Hart and I spent the weekend in San Diego. It was a lovely time with Hart’s dad and his wife, though the lingering memory of the trip is the drive home in which I drove four of the six hours. That’s the remarkable memory: I drove two-thirds of the way home. This is a cause for celebration because it means I felt well enough to drive for that long.
Having some relief from more than a decade of debilitating daily migraines has obviously made a huge difference in my life. There are some big changes — I’m writing a ton and investigating freelance opportunities — but I notice the small changes the most. Things like,
- Waking up after eight hours of sleep and popping right out of bed
- Going straight to work after getting up
- Going grocery shopping and cooking and working and exercising and seeing friends all in the same day
- Making plans and assuming I’ll be able to keep them
- Not having any downtime in a day in which I can read (that’s a good thing — now I read before sleep, not to entertain myself because I can’t move)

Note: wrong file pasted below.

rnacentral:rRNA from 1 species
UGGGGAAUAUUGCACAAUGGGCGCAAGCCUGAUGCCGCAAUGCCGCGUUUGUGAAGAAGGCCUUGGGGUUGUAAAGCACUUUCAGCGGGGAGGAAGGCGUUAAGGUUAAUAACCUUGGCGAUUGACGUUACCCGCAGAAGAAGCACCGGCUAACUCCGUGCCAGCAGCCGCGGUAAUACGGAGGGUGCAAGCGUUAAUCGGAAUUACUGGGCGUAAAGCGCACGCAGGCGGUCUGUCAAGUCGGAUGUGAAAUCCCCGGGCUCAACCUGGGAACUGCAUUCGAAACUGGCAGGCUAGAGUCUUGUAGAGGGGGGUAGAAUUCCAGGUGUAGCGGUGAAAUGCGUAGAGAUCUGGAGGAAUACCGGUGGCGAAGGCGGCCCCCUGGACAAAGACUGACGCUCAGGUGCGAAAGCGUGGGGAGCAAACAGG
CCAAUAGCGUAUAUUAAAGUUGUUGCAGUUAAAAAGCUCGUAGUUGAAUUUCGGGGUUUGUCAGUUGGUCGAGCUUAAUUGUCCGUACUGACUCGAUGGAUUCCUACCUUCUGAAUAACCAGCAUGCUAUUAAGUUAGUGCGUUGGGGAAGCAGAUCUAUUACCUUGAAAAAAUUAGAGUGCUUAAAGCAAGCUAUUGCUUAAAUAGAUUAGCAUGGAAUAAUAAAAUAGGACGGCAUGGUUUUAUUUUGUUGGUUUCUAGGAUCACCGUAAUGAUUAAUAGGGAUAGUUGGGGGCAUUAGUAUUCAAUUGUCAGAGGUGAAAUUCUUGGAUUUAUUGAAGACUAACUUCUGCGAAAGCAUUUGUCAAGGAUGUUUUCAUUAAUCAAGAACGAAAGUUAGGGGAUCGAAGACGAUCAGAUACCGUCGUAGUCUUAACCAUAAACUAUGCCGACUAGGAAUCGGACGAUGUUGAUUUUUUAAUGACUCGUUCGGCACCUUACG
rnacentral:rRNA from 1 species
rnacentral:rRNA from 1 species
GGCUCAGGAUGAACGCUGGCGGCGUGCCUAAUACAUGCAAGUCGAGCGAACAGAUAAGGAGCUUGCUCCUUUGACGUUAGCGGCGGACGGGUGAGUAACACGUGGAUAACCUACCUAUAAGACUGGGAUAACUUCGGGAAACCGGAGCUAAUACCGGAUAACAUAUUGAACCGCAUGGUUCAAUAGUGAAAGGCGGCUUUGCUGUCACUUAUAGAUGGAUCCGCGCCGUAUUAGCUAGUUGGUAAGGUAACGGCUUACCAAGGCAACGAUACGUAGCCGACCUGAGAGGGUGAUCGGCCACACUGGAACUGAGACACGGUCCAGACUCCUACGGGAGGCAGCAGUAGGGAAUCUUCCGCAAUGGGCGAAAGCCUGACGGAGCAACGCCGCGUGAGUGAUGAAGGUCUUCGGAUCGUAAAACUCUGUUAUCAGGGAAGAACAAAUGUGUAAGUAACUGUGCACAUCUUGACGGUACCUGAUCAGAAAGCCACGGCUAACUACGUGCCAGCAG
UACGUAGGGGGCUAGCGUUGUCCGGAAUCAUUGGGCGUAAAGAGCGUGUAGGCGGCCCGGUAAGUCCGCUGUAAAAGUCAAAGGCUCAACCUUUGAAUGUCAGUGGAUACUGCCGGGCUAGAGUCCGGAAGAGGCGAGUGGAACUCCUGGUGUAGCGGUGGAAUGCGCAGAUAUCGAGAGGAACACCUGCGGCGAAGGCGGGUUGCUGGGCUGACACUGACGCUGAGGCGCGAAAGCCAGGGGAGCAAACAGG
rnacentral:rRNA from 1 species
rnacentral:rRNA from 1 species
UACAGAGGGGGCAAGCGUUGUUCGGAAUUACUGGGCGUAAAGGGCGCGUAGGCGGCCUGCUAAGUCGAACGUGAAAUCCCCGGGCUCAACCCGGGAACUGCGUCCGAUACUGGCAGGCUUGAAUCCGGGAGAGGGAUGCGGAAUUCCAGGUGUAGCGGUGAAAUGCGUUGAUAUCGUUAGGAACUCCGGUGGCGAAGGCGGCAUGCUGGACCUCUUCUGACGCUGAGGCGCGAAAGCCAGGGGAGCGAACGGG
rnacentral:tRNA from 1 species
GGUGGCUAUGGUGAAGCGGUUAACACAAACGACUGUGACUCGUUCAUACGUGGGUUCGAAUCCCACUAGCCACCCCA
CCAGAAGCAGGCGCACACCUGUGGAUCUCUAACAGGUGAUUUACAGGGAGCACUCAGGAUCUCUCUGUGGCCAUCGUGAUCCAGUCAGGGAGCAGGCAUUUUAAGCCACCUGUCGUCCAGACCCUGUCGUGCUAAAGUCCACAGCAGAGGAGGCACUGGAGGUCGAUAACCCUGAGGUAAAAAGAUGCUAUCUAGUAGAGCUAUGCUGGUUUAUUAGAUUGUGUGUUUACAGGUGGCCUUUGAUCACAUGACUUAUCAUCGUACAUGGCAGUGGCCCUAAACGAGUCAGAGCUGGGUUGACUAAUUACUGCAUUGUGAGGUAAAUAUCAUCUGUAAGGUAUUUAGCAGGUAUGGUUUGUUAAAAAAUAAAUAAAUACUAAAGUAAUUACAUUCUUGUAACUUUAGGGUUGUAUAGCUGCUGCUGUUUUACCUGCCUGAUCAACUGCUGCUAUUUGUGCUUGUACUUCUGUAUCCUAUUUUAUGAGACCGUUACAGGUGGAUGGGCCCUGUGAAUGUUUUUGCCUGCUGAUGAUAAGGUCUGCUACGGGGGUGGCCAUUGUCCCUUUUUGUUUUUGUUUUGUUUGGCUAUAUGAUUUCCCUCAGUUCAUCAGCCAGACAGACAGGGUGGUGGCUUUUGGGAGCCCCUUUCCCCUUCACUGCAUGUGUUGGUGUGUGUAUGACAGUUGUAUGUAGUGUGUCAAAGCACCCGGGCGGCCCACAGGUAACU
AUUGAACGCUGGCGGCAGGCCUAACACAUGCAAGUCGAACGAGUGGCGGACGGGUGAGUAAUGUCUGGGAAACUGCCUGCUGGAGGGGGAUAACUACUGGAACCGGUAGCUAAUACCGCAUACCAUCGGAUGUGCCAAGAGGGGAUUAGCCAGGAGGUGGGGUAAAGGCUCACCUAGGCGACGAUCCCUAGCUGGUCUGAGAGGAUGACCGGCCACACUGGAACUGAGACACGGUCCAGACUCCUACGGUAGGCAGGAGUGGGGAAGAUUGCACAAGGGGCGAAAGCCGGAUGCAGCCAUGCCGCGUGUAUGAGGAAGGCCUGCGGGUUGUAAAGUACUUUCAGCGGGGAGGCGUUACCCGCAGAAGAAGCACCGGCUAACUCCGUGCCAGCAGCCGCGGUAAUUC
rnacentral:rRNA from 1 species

- Being able to run my own errands
- Driving when Hart and I go out
- Not having to break for brain fog or fatigue when I’m writing
- Thinking that I need to do something around the house and being able to do it
My health is nowhere close to perfect. I have migraines more days than not. I have head pain every moment of every day. It took me nearly two months to recover from my latest dietary snafu and my current diet is a little shaky. Yet, I find myself saying, “I can’t believe I was able to do that!” regularly, which I usually follow with high-fiving Hart.
That’s really the gist of it: I cannot believe everything I’m able to do. The title to this post is so obvious — of course life is easier without a constant migraine — and yet that’s exactly what I marvel about every day. Doing the tasks of day-to-day life were so difficult for me for so long that they now seem impossibly simple. It’s marvelous.